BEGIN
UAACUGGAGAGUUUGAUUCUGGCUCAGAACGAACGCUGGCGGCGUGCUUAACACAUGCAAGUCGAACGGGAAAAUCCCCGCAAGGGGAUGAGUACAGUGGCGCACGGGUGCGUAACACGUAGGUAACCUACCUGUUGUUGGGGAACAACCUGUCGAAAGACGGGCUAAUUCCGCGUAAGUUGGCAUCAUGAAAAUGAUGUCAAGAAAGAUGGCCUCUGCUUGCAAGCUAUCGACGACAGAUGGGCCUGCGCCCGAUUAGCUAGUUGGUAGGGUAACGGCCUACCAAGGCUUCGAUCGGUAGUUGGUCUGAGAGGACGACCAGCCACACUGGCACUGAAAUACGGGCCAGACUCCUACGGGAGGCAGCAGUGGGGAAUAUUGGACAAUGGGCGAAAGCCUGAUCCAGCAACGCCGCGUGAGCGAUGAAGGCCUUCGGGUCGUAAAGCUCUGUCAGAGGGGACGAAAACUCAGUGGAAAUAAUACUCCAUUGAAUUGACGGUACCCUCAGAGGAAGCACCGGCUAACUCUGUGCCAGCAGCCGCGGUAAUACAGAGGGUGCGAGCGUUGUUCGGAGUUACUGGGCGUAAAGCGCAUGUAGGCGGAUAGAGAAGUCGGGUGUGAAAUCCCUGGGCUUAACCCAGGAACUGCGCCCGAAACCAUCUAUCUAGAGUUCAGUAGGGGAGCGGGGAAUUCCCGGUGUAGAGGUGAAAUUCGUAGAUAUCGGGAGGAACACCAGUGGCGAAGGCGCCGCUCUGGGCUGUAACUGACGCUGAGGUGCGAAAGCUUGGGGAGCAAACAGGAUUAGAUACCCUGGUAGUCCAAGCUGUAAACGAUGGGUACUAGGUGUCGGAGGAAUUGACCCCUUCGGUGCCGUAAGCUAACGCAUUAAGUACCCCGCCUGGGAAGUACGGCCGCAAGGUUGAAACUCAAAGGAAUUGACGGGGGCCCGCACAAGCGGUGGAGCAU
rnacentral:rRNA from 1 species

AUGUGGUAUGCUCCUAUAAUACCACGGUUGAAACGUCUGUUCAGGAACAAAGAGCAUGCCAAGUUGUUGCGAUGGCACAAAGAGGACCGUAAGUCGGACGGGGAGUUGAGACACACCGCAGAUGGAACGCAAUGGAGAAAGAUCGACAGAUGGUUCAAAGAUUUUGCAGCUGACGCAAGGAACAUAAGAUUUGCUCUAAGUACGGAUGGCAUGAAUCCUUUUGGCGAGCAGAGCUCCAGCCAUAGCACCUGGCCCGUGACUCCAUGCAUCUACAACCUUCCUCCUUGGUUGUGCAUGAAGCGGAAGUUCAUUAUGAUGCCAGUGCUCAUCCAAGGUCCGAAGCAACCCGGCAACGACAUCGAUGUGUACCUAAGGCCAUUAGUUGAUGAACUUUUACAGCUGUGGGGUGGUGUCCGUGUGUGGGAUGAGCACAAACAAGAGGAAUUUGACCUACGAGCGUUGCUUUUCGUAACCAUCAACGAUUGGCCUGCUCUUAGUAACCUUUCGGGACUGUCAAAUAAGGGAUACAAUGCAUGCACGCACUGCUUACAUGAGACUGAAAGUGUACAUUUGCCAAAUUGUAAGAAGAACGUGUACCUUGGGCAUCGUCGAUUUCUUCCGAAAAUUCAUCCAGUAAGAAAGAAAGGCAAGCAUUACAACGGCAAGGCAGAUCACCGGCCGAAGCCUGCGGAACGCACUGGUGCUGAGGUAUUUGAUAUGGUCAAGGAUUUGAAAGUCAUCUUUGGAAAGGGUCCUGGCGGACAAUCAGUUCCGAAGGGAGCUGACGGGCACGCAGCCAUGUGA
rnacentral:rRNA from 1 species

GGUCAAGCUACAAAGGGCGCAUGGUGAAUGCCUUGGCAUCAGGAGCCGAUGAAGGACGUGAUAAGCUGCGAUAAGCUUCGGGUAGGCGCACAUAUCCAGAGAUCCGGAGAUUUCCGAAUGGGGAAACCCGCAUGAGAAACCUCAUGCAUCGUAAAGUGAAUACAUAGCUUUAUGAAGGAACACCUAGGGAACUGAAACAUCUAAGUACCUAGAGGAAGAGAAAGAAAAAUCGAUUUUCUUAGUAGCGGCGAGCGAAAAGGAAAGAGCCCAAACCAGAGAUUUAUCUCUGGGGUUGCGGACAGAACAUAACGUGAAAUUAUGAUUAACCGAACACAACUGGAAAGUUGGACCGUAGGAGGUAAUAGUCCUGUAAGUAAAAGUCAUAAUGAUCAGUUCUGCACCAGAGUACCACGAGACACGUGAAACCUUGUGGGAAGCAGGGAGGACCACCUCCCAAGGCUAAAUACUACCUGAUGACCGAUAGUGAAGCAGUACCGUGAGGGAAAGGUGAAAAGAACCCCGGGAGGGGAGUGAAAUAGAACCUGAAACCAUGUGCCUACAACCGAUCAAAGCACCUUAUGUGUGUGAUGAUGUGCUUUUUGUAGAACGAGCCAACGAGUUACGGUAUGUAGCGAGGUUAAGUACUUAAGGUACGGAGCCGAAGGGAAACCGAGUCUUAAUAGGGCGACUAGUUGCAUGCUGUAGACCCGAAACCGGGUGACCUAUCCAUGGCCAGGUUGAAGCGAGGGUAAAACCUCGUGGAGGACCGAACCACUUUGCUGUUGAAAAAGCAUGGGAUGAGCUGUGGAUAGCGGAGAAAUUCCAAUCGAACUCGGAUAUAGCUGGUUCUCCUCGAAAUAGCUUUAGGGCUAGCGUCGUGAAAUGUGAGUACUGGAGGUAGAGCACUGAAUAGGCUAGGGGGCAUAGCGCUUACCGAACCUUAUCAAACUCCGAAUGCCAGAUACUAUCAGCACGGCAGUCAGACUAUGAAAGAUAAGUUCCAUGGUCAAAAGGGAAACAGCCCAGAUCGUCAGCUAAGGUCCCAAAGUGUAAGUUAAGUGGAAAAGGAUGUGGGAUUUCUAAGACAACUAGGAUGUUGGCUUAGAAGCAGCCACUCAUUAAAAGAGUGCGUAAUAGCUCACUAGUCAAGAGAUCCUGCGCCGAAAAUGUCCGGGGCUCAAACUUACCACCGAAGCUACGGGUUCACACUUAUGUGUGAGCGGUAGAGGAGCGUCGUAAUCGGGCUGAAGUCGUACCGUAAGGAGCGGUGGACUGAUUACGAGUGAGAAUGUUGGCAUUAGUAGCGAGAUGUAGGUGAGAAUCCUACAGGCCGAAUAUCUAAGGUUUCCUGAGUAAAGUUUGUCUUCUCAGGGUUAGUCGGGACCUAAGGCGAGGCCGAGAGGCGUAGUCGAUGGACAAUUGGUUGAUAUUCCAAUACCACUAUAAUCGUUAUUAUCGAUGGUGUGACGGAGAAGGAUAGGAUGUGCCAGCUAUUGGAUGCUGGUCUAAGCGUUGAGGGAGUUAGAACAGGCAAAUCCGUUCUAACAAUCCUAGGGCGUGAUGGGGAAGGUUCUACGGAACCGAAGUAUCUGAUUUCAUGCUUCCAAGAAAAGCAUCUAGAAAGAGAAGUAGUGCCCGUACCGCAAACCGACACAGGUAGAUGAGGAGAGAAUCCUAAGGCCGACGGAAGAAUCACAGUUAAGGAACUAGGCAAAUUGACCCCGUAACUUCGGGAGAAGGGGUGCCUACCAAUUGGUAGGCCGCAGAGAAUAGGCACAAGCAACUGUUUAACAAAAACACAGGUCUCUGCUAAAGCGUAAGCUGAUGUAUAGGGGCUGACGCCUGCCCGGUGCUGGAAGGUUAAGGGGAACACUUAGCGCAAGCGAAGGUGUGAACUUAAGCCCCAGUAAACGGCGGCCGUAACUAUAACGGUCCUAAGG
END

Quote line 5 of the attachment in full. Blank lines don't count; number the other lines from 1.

GGUCAAGCUACAAAGGGCGCAUGGUGAAUGCCUUGGCAUCAGGAGCCGAUGAAGGACGUGAUAAGCUGCGAUAAGCUUCGGGUAGGCGCACAUAUCCAGAGAUCCGGAGAUUUCCGAAUGGGGAAACCCGCAUGAGAAACCUCAUGCAUCGUAAAGUGAAUACAUAGCUUUAUGAAGGAACACCUAGGGAACUGAAACAUCUAAGUACCUAGAGGAAGAGAAAGAAAAAUCGAUUUUCUUAGUAGCGGCGAGCGAAAAGGAAAGAGCCCAAACCAGAGAUUUAUCUCUGGGGUUGCGGACAGAACAUAACGUGAAAUUAUGAUUAACCGAACACAACUGGAAAGUUGGACCGUAGGAGGUAAUAGUCCUGUAAGUAAAAGUCAUAAUGAUCAGUUCUGCACCAGAGUACCACGAGACACGUGAAACCUUGUGGGAAGCAGGGAGGACCACCUCCCAAGGCUAAAUACUACCUGAUGACCGAUAGUGAAGCAGUACCGUGAGGGAAAGGUGAAAAGAACCCCGGGAGGGGAGUGAAAUAGAACCUGAAACCAUGUGCCUACAACCGAUCAAAGCACCUUAUGUGUGUGAUGAUGUGCUUUUUGUAGAACGAGCCAACGAGUUACGGUAUGUAGCGAGGUUAAGUACUUAAGGUACGGAGCCGAAGGGAAACCGAGUCUUAAUAGGGCGACUAGUUGCAUGCUGUAGACCCGAAACCGGGUGACCUAUCCAUGGCCAGGUUGAAGCGAGGGUAAAACCUCGUGGAGGACCGAACCACUUUGCUGUUGAAAAAGCAUGGGAUGAGCUGUGGAUAGCGGAGAAAUUCCAAUCGAACUCGGAUAUAGCUGGUUCUCCUCGAAAUAGCUUUAGGGCUAGCGUCGUGAAAUGUGAGUACUGGAGGUAGAGCACUGAAUAGGCUAGGGGGCAUAGCGCUUACCGAACCUUAUCAAACUCCGAAUGCCAGAUACUAUCAGCACGGCAGUCAGACUAUGAAAGAUAAGUUCCAUGGUCAAAAGGGAAACAGCCCAGAUCGUCAGCUAAGGUCCCAAAGUGUAAGUUAAGUGGAAAAGGAUGUGGGAUUUCUAAGACAACUAGGAUGUUGGCUUAGAAGCAGCCACUCAUUAAAAGAGUGCGUAAUAGCUCACUAGUCAAGAGAUCCUGCGCCGAAAAUGUCCGGGGCUCAAACUUACCACCGAAGCUACGGGUUCACACUUAUGUGUGAGCGGUAGAGGAGCGUCGUAAUCGGGCUGAAGUCGUACCGUAAGGAGCGGUGGACUGAUUACGAGUGAGAAUGUUGGCAUUAGUAGCGAGAUGUAGGUGAGAAUCCUACAGGCCGAAUAUCUAAGGUUUCCUGAGUAAAGUUUGUCUUCUCAGGGUUAGUCGGGACCUAAGGCGAGGCCGAGAGGCGUAGUCGAUGGACAAUUGGUUGAUAUUCCAAUACCACUAUAAUCGUUAUUAUCGAUGGUGUGACGGAGAAGGAUAGGAUGUGCCAGCUAUUGGAUGCUGGUCUAAGCGUUGAGGGAGUUAGAACAGGCAAAUCCGUUCUAACAAUCCUAGGGCGUGAUGGGGAAGGUUCUACGGAACCGAAGUAUCUGAUUUCAUGCUUCCAAGAAAAGCAUCUAGAAAGAGAAGUAGUGCCCGUACCGCAAACCGACACAGGUAGAUGAGGAGAGAAUCCUAAGGCCGACGGAAGAAUCACAGUUAAGGAACUAGGCAAAUUGACCCCGUAACUUCGGGAGAAGGGGUGCCUACCAAUUGGUAGGCCGCAGAGAAUAGGCACAAGCAACUGUUUAACAAAAACACAGGUCUCUGCUAAAGCGUAAGCUGAUGUAUAGGGGCUGACGCCUGCCCGGUGCUGGAAGGUUAAGGGGAACACUUAGCGCAAGCGAAGGUGUGAACUUAAGCCCCAGUAAACGGCGGCCGUAACUAUAACGGUCCUAAGG